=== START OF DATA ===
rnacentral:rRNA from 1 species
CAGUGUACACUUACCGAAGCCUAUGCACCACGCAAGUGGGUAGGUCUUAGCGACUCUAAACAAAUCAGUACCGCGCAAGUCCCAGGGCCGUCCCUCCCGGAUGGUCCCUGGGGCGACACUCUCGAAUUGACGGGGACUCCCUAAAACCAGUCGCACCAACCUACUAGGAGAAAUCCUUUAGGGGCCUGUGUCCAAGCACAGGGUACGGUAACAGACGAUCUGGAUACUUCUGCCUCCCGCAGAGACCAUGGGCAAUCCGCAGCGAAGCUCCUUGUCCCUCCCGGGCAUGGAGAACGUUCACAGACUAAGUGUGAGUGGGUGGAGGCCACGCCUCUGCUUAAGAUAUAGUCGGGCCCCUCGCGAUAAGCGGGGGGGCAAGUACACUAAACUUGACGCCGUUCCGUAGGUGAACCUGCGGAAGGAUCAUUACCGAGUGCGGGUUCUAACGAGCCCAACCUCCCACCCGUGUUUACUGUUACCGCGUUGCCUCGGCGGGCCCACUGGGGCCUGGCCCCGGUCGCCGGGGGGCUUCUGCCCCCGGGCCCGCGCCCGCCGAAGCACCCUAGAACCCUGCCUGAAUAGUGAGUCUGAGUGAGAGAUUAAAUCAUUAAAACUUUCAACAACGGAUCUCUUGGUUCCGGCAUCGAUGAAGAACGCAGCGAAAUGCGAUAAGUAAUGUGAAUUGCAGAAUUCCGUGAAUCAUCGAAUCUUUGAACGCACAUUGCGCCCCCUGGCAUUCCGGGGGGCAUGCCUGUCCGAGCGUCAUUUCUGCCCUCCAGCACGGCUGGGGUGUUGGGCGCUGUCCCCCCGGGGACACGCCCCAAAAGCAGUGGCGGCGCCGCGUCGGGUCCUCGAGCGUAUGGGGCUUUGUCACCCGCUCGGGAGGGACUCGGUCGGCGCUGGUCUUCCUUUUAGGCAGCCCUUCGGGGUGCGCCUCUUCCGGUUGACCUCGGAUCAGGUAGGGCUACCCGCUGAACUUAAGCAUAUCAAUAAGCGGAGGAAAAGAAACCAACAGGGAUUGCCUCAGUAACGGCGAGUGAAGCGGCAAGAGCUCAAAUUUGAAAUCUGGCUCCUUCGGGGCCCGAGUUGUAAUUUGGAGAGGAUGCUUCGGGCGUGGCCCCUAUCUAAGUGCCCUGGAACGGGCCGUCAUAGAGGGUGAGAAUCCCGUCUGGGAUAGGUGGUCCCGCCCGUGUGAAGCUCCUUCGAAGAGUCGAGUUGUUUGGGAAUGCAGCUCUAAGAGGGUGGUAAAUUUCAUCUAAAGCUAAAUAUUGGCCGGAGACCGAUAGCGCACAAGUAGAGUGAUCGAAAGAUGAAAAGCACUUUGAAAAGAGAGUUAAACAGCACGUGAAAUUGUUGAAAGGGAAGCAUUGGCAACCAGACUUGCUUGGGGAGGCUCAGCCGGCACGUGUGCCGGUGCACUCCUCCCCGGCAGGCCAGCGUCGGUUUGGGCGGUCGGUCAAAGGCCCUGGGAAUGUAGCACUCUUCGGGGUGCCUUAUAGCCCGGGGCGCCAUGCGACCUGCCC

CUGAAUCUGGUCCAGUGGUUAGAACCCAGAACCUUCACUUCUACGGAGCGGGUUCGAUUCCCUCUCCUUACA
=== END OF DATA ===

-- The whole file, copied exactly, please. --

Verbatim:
rnacentral:rRNA from 1 species
CAGUGUACACUUACCGAAGCCUAUGCACCACGCAAGUGGGUAGGUCUUAGCGACUCUAAACAAAUCAGUACCGCGCAAGUCCCAGGGCCGUCCCUCCCGGAUGGUCCCUGGGGCGACACUCUCGAAUUGACGGGGACUCCCUAAAACCAGUCGCACCAACCUACUAGGAGAAAUCCUUUAGGGGCCUGUGUCCAAGCACAGGGUACGGUAACAGACGAUCUGGAUACUUCUGCCUCCCGCAGAGACCAUGGGCAAUCCGCAGCGAAGCUCCUUGUCCCUCCCGGGCAUGGAGAACGUUCACAGACUAAGUGUGAGUGGGUGGAGGCCACGCCUCUGCUUAAGAUAUAGUCGGGCCCCUCGCGAUAAGCGGGGGGGCAAGUACACUAAACUUGACGCCGUUCCGUAGGUGAACCUGCGGAAGGAUCAUUACCGAGUGCGGGUUCUAACGAGCCCAACCUCCCACCCGUGUUUACUGUUACCGCGUUGCCUCGGCGGGCCCACUGGGGCCUGGCCCCGGUCGCCGGGGGGCUUCUGCCCCCGGGCCCGCGCCCGCCGAAGCACCCUAGAACCCUGCCUGAAUAGUGAGUCUGAGUGAGAGAUUAAAUCAUUAAAACUUUCAACAACGGAUCUCUUGGUUCCGGCAUCGAUGAAGAACGCAGCGAAAUGCGAUAAGUAAUGUGAAUUGCAGAAUUCCGUGAAUCAUCGAAUCUUUGAACGCACAUUGCGCCCCCUGGCAUUCCGGGGGGCAUGCCUGUCCGAGCGUCAUUUCUGCCCUCCAGCACGGCUGGGGUGUUGGGCGCUGUCCCCCCGGGGACACGCCCCAAAAGCAGUGGCGGCGCCGCGUCGGGUCCUCGAGCGUAUGGGGCUUUGUCACCCGCUCGGGAGGGACUCGGUCGGCGCUGGUCUUCCUUUUAGGCAGCCCUUCGGGGUGCGCCUCUUCCGGUUGACCUCGGAUCAGGUAGGGCUACCCGCUGAACUUAAGCAUAUCAAUAAGCGGAGGAAAAGAAACCAACAGGGAUUGCCUCAGUAACGGCGAGUGAAGCGGCAAGAGCUCAAAUUUGAAAUCUGGCUCCUUCGGGGCCCGAGUUGUAAUUUGGAGAGGAUGCUUCGGGCGUGGCCCCUAUCUAAGUGCCCUGGAACGGGCCGUCAUAGAGGGUGAGAAUCCCGUCUGGGAUAGGUGGUCCCGCCCGUGUGAAGCUCCUUCGAAGAGUCGAGUUGUUUGGGAAUGCAGCUCUAAGAGGGUGGUAAAUUUCAUCUAAAGCUAAAUAUUGGCCGGAGACCGAUAGCGCACAAGUAGAGUGAUCGAAAGAUGAAAAGCACUUUGAAAAGAGAGUUAAACAGCACGUGAAAUUGUUGAAAGGGAAGCAUUGGCAACCAGACUUGCUUGGGGAGGCUCAGCCGGCACGUGUGCCGGUGCACUCCUCCCCGGCAGGCCAGCGUCGGUUUGGGCGGUCGGUCAAAGGCCCUGGGAAUGUAGCACUCUUCGGGGUGCCUUAUAGCCCGGGGCGCCAUGCGACCUGCCC

CUGAAUCUGGUCCAGUGGUUAGAACCCAGAACCUUCACUUCUACGGAGCGGGUUCGAUUCCCUCUCCUUACA